The Sox were a greedy and successful lot for the first two decades of the 20th century, winning five championships between the first-ever World Series in 1903 and 1918. Then, the exodus of talent to New York was capped by the departure of Babe Ruth, ushering in decades in the doldrums. History seems to be repeating itself; after a successful run of two decades this century the Sox are in last place once again. Winning in 1918 and 2018 is just too symbolic for Boston believers who lived through some or all of the drought. Is it the Curse of Betts this time around?

This season, the Red Sox finished last in the American League East. Coming off the heels of a 2021 season in which the team came two games from the World Series is disappointing, but last place is not unique; they have five cellar finishes this century.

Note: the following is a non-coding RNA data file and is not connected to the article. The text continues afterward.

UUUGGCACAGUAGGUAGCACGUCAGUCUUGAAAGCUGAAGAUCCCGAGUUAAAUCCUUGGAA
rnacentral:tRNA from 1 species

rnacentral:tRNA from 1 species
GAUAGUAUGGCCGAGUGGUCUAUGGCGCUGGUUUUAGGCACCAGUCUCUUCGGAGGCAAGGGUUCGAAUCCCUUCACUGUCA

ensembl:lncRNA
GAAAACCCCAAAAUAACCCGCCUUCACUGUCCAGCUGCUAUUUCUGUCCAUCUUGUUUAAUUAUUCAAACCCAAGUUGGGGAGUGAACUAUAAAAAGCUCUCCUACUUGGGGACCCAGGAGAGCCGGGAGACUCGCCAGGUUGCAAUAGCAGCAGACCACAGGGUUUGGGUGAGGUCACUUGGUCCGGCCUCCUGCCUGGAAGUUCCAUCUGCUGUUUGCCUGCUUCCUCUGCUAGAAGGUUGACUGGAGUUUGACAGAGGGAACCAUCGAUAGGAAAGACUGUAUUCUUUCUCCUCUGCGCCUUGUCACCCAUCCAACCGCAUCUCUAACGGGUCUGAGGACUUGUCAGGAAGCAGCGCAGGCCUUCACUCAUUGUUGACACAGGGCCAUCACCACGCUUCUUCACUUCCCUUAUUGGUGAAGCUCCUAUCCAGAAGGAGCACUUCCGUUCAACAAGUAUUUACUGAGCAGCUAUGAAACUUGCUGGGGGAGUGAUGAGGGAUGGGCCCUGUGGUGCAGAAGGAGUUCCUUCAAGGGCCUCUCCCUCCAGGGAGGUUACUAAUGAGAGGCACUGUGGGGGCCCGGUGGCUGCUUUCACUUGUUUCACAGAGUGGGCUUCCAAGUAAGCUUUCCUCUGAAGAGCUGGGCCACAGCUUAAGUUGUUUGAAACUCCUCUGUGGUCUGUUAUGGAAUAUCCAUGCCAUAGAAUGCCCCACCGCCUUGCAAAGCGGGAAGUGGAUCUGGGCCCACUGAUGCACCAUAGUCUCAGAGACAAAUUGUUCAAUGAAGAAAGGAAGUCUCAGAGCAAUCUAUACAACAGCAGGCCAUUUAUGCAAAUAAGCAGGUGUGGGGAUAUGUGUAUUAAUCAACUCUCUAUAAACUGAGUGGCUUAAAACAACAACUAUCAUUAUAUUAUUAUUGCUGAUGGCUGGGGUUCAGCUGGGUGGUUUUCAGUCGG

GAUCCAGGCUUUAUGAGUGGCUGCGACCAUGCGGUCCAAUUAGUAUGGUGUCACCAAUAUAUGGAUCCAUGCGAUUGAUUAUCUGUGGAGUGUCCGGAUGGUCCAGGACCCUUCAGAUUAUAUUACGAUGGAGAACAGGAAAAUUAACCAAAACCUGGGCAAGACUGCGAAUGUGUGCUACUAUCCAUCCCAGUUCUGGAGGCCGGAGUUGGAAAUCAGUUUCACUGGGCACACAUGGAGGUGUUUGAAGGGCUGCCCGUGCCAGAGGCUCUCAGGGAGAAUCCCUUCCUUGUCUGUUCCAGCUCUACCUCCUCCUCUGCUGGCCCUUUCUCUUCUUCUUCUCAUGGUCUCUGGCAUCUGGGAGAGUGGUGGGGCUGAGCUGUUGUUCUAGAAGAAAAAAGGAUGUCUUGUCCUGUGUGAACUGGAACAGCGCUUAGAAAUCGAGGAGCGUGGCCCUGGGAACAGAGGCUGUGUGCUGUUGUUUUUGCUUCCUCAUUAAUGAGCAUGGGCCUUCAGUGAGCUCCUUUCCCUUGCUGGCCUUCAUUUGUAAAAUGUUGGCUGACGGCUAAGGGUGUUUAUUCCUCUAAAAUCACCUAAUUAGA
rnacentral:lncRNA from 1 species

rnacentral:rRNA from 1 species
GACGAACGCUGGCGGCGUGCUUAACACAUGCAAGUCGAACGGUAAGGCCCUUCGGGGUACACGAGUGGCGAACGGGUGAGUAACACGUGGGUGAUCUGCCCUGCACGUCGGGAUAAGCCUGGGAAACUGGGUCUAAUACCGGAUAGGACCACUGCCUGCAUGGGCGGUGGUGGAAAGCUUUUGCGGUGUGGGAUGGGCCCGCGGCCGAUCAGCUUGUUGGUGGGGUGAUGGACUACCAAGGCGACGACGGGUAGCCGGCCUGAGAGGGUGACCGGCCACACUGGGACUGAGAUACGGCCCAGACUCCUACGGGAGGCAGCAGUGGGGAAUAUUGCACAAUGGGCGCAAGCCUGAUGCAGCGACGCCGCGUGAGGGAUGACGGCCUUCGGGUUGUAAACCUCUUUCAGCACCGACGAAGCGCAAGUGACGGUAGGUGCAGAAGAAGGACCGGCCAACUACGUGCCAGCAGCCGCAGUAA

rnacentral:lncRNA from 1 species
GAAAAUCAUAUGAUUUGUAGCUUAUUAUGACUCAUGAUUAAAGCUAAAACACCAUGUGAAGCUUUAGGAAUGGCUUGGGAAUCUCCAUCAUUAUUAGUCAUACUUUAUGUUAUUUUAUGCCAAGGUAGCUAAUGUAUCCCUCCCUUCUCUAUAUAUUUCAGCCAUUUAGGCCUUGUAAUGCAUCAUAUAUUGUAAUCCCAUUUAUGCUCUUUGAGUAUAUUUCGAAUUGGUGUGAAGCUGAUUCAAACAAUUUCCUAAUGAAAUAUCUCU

How do you reverse a negative trend?

Is Chaim Bloom a failure, a success, or something in the middle? The court of public opinion is deadlocked, but the current state of the Red Sox fortunes has undoubtedly chipped away at the goodwill Bloom incurred last season. The responsibility of management is to make decisions that improve short- and long-term objectives. Bloom and ownership’s failure to construct a solid roster made attempting to make the playoffs a Sisyphean task, and the team died on the metaphorical vine.

The long-range implications will further be defined with the outcome of Devers and Bogaerts. They are the potential foundation for the future, and management’s handling of each will give insight regarding fiscal direction.

The farm system is the key to this new fiscal Slim Fast approach to doing business. The Red Sox’ record of producing quality position players is commendable, but where they struggle in-house is the most important category of all – pitching. Too often, the Sox have had to pay a considerable cost in prospects and/or money to acquire pitching. The risk factor is on display with David Price and Chris Sale. Both contracts are low-hanging fruit for the Fellowship.